Just recently, the film producer and well known Youtuber, Naomi Brockwell, sat down with Edward Snowden and the two discussed a number of subjects including privacy and bitcoin. When Snowden talked about bitcoin, he delved into the protocol’s lack of progressive scaling and privacy. The famous whistleblower said that the biggest question he has is why are developers taking so long to resolve the issues cryptocurrencies have today.
The whistleblower and former NSA and CIA contractor, Edward Snowden is well known for his stance toward privacy and freedoms. Snowden recently had a conversation with Naomi Brockwell and he told her his thoughts about bitcoin (BTC), and digital currencies in general. At one point during the interview, Snowden said he was puzzled about the fact that developers have had years to scale bitcoin and add privacy, but have yet to produce any solutions.
When it comes to the transformation from our current monetary standpoint into the digital age, Snowden thinks digital currencies are “inevitable.”
“In fact, we’ve already seen states recognize that digital currency will be the next stage of money,” Snowden said to Brockwell. “They are trying to create competitors now effectively to bitcoin. I think they are not really hiding the fact. They are creating so-called central bank digital currencies which is just a rebranded version of fiat currencies. They don’t really have any desirable properties for the public at large beyond the government being able to more effectively disperse stimulus payments.”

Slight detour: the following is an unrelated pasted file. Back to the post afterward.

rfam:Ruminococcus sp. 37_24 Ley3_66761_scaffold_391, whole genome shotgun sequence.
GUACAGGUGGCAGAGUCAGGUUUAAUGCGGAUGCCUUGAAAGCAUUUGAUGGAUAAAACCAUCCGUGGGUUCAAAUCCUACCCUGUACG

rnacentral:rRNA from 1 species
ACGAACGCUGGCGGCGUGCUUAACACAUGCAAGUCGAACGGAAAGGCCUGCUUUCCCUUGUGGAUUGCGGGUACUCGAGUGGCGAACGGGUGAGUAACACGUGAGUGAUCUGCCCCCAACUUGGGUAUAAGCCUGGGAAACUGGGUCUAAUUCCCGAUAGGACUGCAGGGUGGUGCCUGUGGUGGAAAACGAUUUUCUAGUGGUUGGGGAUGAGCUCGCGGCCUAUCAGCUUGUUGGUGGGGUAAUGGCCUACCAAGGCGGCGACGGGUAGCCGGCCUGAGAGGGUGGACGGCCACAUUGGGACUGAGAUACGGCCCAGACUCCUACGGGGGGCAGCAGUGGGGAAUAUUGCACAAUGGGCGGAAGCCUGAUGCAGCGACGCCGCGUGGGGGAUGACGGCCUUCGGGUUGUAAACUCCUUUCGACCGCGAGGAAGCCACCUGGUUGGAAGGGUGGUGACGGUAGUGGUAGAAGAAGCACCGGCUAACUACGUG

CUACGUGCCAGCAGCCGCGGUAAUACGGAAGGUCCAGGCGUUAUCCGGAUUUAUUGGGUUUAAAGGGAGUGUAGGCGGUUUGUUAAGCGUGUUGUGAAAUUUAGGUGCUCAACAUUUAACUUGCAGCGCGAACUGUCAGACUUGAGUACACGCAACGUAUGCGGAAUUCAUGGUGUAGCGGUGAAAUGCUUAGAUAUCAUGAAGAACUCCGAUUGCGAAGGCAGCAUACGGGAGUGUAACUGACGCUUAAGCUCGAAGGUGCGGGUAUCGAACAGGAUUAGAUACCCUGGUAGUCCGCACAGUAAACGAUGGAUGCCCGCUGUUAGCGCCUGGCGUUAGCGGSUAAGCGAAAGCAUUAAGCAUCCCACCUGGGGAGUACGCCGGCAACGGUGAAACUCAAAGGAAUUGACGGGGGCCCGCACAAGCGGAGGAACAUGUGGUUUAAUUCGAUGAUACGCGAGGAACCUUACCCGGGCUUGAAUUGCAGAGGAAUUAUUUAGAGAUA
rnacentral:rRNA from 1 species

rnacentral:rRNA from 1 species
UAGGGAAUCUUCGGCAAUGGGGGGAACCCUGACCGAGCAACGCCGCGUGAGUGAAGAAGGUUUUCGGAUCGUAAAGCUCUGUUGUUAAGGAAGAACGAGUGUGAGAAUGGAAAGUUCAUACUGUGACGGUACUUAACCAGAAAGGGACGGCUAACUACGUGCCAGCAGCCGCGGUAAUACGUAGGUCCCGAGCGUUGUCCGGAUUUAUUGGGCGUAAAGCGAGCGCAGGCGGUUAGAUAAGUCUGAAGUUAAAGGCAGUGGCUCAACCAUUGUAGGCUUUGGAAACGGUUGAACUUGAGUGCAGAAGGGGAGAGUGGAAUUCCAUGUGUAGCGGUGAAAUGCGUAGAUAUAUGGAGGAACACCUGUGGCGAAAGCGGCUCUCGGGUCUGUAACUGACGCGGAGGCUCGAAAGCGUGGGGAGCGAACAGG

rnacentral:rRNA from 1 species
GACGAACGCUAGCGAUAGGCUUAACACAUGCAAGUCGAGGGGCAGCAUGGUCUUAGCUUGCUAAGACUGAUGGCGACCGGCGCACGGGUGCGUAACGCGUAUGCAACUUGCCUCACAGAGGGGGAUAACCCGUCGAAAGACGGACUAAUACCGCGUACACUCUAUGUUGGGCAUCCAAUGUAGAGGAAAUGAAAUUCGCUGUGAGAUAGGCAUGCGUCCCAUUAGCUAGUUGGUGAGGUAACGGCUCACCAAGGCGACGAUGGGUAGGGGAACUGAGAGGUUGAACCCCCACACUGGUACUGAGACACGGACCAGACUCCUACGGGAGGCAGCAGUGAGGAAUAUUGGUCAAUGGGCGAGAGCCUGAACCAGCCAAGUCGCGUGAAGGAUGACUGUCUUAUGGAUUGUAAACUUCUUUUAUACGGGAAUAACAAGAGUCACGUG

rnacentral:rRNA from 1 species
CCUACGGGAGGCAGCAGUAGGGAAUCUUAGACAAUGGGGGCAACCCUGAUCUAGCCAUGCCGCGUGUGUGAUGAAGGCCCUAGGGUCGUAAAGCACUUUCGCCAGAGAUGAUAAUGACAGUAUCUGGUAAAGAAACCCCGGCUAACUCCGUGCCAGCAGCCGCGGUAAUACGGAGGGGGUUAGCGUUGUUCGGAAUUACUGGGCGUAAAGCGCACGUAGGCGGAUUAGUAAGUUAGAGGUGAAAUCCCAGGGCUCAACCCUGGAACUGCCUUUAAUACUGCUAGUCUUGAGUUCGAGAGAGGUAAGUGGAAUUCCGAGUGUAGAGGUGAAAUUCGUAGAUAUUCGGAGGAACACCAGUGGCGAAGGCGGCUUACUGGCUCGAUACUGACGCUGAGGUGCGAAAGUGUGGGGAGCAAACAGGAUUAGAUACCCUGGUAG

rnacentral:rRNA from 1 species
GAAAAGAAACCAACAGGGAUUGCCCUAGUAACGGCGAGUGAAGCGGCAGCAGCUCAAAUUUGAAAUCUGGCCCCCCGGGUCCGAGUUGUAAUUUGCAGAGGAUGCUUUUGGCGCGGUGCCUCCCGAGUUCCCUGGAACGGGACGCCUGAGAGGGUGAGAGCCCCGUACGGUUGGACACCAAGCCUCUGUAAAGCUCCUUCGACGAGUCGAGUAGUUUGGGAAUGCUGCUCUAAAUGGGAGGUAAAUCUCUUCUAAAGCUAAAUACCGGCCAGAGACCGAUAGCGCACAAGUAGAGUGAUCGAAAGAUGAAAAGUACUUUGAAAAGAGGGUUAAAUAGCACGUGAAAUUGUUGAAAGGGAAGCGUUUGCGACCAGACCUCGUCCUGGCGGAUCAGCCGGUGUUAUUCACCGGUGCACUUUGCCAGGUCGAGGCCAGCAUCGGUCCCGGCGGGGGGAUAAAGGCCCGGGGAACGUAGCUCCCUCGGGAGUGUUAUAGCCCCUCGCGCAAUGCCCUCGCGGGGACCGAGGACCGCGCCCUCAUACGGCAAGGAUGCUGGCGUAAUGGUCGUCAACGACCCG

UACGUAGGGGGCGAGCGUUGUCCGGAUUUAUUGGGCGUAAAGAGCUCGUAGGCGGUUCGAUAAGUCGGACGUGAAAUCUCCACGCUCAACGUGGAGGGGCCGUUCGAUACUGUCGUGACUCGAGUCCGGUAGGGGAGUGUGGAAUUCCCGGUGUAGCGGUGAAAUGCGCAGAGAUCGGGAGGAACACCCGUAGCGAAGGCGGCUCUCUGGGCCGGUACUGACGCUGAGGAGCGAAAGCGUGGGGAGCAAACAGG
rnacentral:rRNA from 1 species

But that unfortunately means, and I don’t think a lot of people have the financial understanding to realize, that it actually means they are simply taxing you in a new way. Because a stimulus payment is a debasement of the currency at large.
Snowden further stated that cryptocurrency, in the general sense, does not solve the problem of inflation and hidden tax in that way. He added that the Bitcoin network, in a large way, makes it more predictable, as “it has a predictable rate of inflation which is constantly decreasing,” the whistleblower stressed.
“But the problem with everybody moving to digital currencies is that we know the Bitcoin network does not support throughput. Unfortunately, the Bitcoin network as it exists does not provide the privacy protections really necessary for these kinds of transactions,” Snowden added.
The privacy advocate insisted:
I think it should, and it could. It’s clear to me that the developers have realized this should be done— [Developers] haven’t actually moved to do this, which is puzzling to me because now they’ve had years to do it.
Snowden continued by adding that when he is discussing the subject of the inevitability of this transformation toward digital currency, he’s “not picking winners and losers.”
“I don’t have a horse, care, or concern, as to who wins this beyond [what] I think what the world needs is a truly independent means of enabling private transactions,” Snowden told Brockwell. “If that’s bitcoin, great— fabulous. I use bitcoin, I’ve used bitcoin before, I’ll continue to use bitcoin. But it’s very difficult for me to use bitcoin and yet that is a huge improvement to credit cards, which I cannot use because those networks are not even pseudonymous, in the way that a bitcoin transaction would be.”
Snowden concluded that the cryptocurrency community has some pretty well-understood flaws, but he doesn’t see any reason to say that they cannot be resolved. He can see that there are a lot of groups working on both offchain and onchain throughput. But at the end of the video, Snowden begged the question: “Why are you [developers] taking so long?”